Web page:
from Wiktionary, Creative Commons Attribution/Share-Alike License
- adj. of, or relating to hymns
from the GNU version of the Collaborative International Dictionary of English
- adj. Relating to hymns, or sacred lyrics.
from The Century Dictionary and Cyclopedia
- Relating to hymns; of the character of a hymn; lyric.
- n. A hymn-like composition.
Sorry, no etymologies found.
Be that as it may, John is usually thought to be written relatively late, and so I'm wondering why John's prologue is getting so much attention, when it is a hymnic introduction, while the other Gospels that seem more promising places to look for historical data seem to have dropped out of the discussion.
I wouldn't dare to allow a poetic/hymnic passage like this trump Paul's clear prosaic statements, such as 1 Corinthians 15:24-28,45-46.
Even if it isn't, it has some hymnic/poetic features; on the other hand, it seems to give expression to the sort of "Adamic Christology" that surfaces in Paul's writings at key moments.
All corners of the vast hymnic field have been drawn on.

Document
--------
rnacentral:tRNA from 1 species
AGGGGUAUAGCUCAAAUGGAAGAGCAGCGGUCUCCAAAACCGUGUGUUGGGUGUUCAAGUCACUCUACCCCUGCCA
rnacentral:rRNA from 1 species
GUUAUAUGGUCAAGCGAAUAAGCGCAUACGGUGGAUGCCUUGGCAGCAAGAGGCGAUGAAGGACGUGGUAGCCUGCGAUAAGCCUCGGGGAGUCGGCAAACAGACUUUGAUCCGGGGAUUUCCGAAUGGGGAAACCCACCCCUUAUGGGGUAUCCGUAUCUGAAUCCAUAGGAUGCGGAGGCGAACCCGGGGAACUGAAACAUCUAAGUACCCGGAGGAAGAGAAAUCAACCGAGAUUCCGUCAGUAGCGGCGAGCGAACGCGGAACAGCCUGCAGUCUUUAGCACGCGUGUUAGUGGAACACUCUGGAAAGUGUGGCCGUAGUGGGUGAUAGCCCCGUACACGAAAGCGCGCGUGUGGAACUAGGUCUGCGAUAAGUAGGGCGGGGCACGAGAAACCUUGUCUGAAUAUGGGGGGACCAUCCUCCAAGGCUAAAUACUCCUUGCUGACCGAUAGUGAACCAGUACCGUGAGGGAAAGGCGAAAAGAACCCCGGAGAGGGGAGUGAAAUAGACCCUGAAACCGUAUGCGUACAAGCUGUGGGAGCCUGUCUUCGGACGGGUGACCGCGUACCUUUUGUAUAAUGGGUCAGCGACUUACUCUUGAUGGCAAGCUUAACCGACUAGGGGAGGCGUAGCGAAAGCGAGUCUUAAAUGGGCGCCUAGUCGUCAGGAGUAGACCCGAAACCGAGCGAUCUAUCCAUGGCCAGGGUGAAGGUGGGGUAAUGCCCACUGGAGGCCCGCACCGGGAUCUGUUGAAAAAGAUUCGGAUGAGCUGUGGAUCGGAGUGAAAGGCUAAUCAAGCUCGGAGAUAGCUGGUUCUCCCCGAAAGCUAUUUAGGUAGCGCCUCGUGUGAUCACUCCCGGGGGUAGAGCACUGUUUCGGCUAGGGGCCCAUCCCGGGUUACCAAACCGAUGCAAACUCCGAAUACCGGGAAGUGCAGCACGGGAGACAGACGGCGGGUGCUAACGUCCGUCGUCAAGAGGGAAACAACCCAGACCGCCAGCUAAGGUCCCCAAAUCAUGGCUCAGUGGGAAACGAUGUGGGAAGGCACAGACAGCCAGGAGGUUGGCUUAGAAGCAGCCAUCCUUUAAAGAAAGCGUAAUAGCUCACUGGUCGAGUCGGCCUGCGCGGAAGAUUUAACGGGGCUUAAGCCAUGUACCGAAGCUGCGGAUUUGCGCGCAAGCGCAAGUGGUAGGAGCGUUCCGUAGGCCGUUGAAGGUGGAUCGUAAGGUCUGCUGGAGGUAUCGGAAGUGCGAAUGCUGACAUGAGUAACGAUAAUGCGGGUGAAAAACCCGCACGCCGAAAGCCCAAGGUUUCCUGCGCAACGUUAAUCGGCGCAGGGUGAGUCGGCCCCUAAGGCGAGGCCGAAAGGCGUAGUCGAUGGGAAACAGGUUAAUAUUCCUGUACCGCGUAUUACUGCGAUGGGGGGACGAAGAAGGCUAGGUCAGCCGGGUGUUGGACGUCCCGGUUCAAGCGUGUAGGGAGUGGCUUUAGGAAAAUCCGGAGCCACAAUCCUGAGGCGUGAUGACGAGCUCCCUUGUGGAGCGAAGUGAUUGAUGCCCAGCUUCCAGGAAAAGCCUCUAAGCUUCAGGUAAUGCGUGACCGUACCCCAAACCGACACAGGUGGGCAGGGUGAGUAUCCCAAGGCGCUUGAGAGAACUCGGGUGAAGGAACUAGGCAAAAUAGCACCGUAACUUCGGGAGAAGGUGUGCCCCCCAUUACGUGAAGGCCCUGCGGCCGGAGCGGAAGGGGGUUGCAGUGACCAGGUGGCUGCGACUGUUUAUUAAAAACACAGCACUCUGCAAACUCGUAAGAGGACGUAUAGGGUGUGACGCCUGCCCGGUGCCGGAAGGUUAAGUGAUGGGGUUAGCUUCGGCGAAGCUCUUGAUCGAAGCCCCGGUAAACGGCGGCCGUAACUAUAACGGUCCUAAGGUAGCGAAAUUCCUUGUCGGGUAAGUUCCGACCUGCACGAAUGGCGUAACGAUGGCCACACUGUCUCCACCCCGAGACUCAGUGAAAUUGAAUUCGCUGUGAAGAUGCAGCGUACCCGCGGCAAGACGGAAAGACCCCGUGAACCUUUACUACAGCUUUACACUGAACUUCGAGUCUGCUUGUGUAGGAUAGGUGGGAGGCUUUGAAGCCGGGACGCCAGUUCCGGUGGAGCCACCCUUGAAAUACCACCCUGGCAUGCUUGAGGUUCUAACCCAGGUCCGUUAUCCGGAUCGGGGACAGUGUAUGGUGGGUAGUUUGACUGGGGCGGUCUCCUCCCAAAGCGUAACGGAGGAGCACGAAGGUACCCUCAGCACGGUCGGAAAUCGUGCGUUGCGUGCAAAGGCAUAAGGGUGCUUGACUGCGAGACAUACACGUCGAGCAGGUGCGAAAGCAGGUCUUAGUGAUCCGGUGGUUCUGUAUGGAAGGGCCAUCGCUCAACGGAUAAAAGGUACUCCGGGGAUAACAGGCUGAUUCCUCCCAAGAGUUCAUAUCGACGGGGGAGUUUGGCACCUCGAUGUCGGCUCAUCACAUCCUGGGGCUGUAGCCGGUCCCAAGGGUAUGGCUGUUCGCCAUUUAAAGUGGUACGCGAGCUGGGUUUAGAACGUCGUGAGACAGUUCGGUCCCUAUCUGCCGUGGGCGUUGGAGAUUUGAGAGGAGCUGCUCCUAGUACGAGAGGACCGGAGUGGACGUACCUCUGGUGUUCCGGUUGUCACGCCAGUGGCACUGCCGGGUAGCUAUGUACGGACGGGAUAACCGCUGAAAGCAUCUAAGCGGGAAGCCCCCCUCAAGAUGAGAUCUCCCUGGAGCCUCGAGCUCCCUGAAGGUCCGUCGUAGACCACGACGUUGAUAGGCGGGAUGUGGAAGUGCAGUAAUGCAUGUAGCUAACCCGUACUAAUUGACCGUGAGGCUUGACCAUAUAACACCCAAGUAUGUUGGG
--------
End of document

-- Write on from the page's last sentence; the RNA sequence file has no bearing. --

Passing over the question of the historical origins of those various species of poetry, such as the relation of early hymnic songs and hero-songs to the epic, and the relation of narrative material and method to the drama, let us try to arrange in some sort of order the kinds of poetry with which we are familiar.
The Ambrosian hymns remained the type of all the hymnic poetry of succeeding centuries.
The insight that mystery, -- the Mystery, as such is final, is the hymnic word.
At his pleasures he is anti-hymnic, repellent to song.
It would be easy to adduce, from the book before us, examples of each of the foregoing forms of hymnic excellence, and perhaps also occasional instances of failure; for what human production is perfect?
Along with Erhart Hegenwalt's hymnic version of Psalm 51, Luther's expanded hymn was also adopted for use with the fifth part of Luther's catechism, concerning confession.
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